A Visit to Beaumont-Hamel July 10 2013 Photo Set

The Names.

Beaumont-Hamel. A place of bucolic, country serenity in the Somme region of northern France, and the location of the virtual annihilation of the Royal Newfoundland Regiment by German machine guns on on the morning of July 1, 1916. Much has been written about this massacre over the last almost 100 years and I’m not about to add my analysis, but suffice it to say, as David R. Facey-Crowther wrote, “So catastrophic was the event that it remained etched into the consciousness of Newfoundlanders for much of this (20th) century”.

Newfoundlanders go over the top, July 1, 1916. Photo from the provincial archive.

Newfoundlanders attack after the “over the top” order, only to be cut down by German machine guns trained on narrow breaks in the barbed wire strung across no man’s land. July 1, 1916. Photo from the provincial archive.

Soldiers comb through the devastation at Beaumont-Hamel after it was finally taken by the British on Nov 13, 1916.

Soldiers comb through the devastation at Beaumont-Hamel after it was finally taken by the British on Nov 13, 1916.

The opening of Beaumont-Hamel Newfoundland Park, June 7, 1925, Field Marshall Earl Haig presiding. The sirte was designed by Dutch architect R.H.K. Cochius, this and the other 5 caribous designed by British sculptor Basil Gotto who also created the Fighting Newfoundlander sculpture in Bowring Park, St. John's. Photo from the provincial archives.

The opening of Beaumont-Hamel Newfoundland Park, June 7, 1925,  The site was designed by Dutch architect R.H.K. Cochius, this and the other 5 caribous were designed by British sculptor Basil Gotto.  Photo from the provincial archives.

I’m a 6th generation Newfoundlander and named after my mom’s Uncle Paul Ulysses Lilly (1889-1971) from Exploits Islands, Notre Dame Bay, Newfoundland. A survivor of infamous World War 1 locations such as Cairo, Gallipoli, Suvla Bay and the Somme, a Uncle Paulman who returned to Newfoundland and never really spoke of his experience. He was a fisherman when he enlisted in the First Newfoundland Regiment in 1914 and was a Sergeant when he was demobilized in 1919. I’d hear occasional talk of Uncle Paul when I was young and noticed the admiring way my mother would speak of him. However, I met him only once. On that fateful day at Beaumont-Hamel, his role is a mystery. His service record reads, in nearly 100 year-old cursive, “7-1-16 with regiment”. Mom (his niece) would say that he was there for roll call the next day. Obviously, some details have been obscured by time and the fog of war. I don’t remember ever learning specifically about that battle in school. In my opinion, if Newfoundland History is still taught anywhere in this province, the Battle of Beaumont-Hamel should be the first unit.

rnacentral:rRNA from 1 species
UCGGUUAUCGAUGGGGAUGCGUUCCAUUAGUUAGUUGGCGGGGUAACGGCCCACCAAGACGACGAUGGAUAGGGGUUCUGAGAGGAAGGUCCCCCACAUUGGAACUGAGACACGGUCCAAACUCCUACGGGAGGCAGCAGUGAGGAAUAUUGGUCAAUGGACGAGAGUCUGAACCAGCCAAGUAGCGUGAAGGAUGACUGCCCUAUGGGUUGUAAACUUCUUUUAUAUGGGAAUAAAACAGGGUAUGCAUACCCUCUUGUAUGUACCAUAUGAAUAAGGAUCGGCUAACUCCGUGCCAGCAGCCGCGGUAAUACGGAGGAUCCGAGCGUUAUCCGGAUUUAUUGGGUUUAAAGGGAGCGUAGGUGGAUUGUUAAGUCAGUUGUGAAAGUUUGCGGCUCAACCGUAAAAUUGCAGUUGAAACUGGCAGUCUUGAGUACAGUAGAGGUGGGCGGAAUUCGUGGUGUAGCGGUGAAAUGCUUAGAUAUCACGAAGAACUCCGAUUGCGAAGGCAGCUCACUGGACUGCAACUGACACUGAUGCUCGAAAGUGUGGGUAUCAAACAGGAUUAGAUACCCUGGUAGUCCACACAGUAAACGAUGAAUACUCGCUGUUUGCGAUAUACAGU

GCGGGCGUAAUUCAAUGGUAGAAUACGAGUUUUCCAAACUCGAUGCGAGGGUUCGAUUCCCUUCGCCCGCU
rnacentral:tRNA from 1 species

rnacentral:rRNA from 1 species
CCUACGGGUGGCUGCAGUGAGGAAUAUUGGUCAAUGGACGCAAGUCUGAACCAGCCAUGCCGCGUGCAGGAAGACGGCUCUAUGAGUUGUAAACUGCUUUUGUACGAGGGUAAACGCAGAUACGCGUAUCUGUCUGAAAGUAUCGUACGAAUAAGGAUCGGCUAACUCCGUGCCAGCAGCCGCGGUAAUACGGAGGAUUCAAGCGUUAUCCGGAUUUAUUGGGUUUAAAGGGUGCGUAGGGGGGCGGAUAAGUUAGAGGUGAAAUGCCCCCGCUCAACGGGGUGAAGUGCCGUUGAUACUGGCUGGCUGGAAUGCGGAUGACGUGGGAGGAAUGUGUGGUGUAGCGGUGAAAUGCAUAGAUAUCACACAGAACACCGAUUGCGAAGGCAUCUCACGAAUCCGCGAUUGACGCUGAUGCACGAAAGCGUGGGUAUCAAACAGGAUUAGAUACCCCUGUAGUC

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My uncle Paul Lilly’s enlistment document. Occupation, fisherman, annual salary $300. Age 25. 1485 days in the Newfoundland Regiment. Yeah, I’m proud.

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Uncle Paul’s demobilization document from 1919. Notice at the top of the page how the Newfoundland Regiment had already been given the Royal designation.

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Document accompanying his Victory Medal and British War Medal in 1921. He also received the British 1914-1915 Star. I sure would love to know where they are.

I’d been planning a visit for a few years and along with friends Barry Canning and Lloyd Reid, visited Newfoundland Park near the small town of Beaumont-Hamel on July 10, 2013 to pay our respects. It truly is a beautiful place, especially in the long light of late afternoon, and much credit should be given to the Canadian Department of Veterans Affairs and the Commonwealth War Graves Commission for maintaining the site in a way that would make any Newfoundlander proud.

It’s difficult to imagine the din of mortar shells, machine guns and the cries of the fallen men and boys on that summer morning in 1916, but on July 10 2013, it was just the wind in the trees and a bird:

For more information on the Battle of Beaumont-Hamel and the Royal Newfoundland Regiment, I’ve included some links at the bottom. What follows is a sampling of the almost 200 photos I took that afternoon. Shot with Nikon DSLR and iPhone 5.

The 29th Regiment

A plaque commemorating the 29th Division, of which the not-yet-Canadian First Newfoundland Regiment was a part. At the entrance of Beaumont-Hamel Newfoundland Park, France.

Entrance

Looking back at the entrance to the Beaumont-Hamel Memorial, lined with trees from Newfoundland

The proud Newfoundland Caribou, symbol of the Regiment, surrounded by native Newfoundland shrubbery. This sculpture is identical to the others located at Gueudecourt, Monchy-le-Preux, Masnieres, Courtrai (Kortrik) and the only one in Newfoundland, Bowring Park, St. John's.